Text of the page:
Today I had the humbling opportunity to hear stories from individuals whose lives were turned upside down as a result of medical error. They spoke with grace, conviction, and courage. They also spoke with frustration and sadness. Their stories are important and what they shared today is heart-breaking. Their stories need to be heard, not only in the medical community but also throughout the general public.
As I reflect on the many stories I have read and heard surrounding medical error and the horrifying impact these errors have had on patients and their families, I am ashamed and heart broken. We, physicians, nurse practitioners, physician assistants, nurses, assistants, enter the health care field to heal, to bring hope, and to be there to provide comfort and expertise in, perhaps, one of the darkest hours of an individual’s life. However, as medical error seeps into our interactions and creates a culture… Continue reading
::SIGH:: As a graduate student who does online blogging daily it is rare that I don’t know how to start a discussion, today is the exception. There are so may factors that I want to touch on;
After hearing Lewis’ story, the shock of Carol’s daughter, Alyssa, and then the movie ‘To Err is Human’ I am left very frustrated and almost helpless. It’s overwhelming… Continue reading
I have to admit, I was skeptical when I was first asked to attend this conference. As a psychiatry resident in my last year of training I have been confronted on a daily basis by patients placing themselves and others in unsafe environments and situations. Between seeing patients who heavily abuse substances and then get into arguments with loved ones or god forbid get into a car, to patients who shun the comforts of home because of profound paranoia about their home environment, I have always thought of the hospital as a safe place for psychiatric patients.
However, on a daily basis we are faced with a patient population who all to often cannot advocate for themselves or when they attempt to do so are written off or unfortunately flat out ignored. In a bigger way, patient safety is integral to good patient care because by allowing our patients to… Continue reading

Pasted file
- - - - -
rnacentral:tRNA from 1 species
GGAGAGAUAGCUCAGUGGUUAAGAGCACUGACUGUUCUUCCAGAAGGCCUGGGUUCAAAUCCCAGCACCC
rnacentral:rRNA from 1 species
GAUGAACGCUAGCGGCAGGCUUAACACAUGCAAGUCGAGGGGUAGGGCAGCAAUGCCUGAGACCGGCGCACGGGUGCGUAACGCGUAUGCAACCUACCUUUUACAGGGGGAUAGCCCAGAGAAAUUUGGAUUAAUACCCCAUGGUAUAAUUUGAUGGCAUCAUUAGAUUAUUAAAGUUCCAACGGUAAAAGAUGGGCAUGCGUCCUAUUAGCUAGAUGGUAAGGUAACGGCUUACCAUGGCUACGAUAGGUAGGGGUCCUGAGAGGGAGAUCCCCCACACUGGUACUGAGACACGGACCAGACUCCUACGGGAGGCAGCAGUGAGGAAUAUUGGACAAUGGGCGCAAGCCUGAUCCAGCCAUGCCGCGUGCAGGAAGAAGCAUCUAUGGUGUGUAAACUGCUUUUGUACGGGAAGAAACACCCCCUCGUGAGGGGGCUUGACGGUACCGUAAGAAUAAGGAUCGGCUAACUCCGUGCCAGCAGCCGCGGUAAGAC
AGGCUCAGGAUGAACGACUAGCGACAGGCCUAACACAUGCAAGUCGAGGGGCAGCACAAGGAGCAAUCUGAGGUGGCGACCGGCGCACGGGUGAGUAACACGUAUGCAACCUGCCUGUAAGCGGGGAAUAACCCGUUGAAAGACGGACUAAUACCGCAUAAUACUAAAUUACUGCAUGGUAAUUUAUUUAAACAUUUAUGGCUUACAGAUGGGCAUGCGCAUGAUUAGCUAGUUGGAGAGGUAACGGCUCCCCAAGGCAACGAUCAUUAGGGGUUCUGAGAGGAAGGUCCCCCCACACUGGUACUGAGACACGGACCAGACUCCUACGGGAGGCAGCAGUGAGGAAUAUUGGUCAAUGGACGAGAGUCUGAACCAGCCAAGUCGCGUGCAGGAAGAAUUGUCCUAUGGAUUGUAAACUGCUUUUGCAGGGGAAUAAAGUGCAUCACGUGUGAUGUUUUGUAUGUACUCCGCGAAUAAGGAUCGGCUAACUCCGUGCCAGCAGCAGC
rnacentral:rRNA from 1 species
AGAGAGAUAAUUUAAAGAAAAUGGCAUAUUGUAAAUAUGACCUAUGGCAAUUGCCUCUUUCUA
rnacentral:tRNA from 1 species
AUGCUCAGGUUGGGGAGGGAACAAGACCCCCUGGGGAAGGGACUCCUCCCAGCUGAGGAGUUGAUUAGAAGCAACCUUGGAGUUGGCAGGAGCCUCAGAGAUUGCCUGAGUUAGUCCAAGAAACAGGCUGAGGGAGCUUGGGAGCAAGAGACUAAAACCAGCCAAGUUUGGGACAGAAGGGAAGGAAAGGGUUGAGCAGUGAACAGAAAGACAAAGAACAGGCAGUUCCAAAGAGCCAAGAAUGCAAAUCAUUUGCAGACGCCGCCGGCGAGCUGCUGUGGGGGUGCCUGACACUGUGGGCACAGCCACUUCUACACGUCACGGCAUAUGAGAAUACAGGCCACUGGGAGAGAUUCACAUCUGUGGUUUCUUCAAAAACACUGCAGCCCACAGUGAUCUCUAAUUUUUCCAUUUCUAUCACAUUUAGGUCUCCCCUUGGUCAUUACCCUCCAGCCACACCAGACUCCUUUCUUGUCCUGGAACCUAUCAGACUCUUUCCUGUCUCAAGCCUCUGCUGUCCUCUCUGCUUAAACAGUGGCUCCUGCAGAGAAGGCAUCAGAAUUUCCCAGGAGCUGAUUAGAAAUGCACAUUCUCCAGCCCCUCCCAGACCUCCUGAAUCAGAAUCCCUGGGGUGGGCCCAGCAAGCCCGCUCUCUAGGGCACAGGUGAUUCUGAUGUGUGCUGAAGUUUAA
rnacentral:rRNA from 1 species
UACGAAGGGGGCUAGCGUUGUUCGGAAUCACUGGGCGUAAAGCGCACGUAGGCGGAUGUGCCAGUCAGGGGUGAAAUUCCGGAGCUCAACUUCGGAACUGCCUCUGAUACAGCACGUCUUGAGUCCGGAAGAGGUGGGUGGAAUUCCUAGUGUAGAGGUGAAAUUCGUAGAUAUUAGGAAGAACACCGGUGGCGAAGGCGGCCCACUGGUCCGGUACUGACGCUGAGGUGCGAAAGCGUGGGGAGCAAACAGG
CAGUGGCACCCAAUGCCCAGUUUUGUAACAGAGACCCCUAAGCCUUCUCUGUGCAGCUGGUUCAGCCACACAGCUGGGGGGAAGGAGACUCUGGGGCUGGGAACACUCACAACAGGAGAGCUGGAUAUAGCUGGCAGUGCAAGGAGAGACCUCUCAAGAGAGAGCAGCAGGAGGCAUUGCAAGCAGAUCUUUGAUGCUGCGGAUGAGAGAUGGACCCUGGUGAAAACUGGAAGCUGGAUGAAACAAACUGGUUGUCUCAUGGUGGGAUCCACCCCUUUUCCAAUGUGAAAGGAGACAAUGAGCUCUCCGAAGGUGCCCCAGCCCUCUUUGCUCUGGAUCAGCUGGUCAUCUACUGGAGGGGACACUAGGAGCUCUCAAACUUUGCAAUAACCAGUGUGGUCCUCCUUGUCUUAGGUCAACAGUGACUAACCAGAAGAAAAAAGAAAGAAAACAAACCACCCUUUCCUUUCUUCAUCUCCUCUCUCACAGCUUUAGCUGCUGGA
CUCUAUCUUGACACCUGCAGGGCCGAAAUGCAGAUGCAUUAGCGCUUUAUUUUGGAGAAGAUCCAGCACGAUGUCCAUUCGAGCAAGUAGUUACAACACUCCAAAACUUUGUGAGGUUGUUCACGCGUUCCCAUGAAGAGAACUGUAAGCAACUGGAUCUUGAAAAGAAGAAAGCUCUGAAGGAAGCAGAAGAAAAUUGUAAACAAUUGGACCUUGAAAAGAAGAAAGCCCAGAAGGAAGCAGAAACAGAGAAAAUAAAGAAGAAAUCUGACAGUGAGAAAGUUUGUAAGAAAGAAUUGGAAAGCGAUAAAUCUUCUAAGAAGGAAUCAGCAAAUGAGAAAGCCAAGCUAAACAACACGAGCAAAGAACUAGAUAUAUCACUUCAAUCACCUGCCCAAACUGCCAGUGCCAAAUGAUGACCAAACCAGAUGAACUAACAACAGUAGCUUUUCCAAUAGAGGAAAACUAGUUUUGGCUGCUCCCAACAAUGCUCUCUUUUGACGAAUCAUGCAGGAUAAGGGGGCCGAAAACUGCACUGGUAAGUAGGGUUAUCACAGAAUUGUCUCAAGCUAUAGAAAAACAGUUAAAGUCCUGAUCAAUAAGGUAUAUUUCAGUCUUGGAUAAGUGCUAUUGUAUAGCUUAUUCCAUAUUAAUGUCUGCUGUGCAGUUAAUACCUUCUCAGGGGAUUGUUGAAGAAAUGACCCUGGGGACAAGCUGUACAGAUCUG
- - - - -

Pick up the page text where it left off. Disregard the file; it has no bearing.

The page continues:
How many talks on patient quality and safety have I seen where numbers are quoted (18% of GDP, 3rd leading cause of death, 26th in mortality) but stories are left out? Numbers have their place, to help policymakers and advocates for health system redesign (like me) to make a rational argument for change. I’ve been compelled by these numbers for years now, and in fact, I’ve decided to make a whole career out of making those numbers move toward equity. But it’s been a long time since I reflected on the stories that originally brought my attention to the world of patient safety and quality. Reflecting on that this week, I think I’ve missed those stories.
A story has a particular power to compel, because it reaches out and reminds you that you’re human. I think we humans derive much of our meaning from life by seeing ourselves as part… Continue reading
Lack of communication/false assumption leads to errors:
In learning about the Lewis Blackman case, an event that directed a conversation toward communication’s ability to either prevent or impose a drastic medical error in a clinical setting, one of the events that stood out the most was the idea that nobody asked, “What is the worst thing this could be?” I work for a home health care team that aims to improve the quality of care and the patient experience by communicating patient alerts. Effective communication in my organization is essential to the effectiveness of our team. Thus, the lack of coordination and communication that was exhibited in the Blackman case struck me because, as these nurses assumed that Lewis was fine, it was these false assumptions and the lack of communicating alerts that predisposed the patient to a detrimental error resulting in the patient’s death. When you assume that the… Continue reading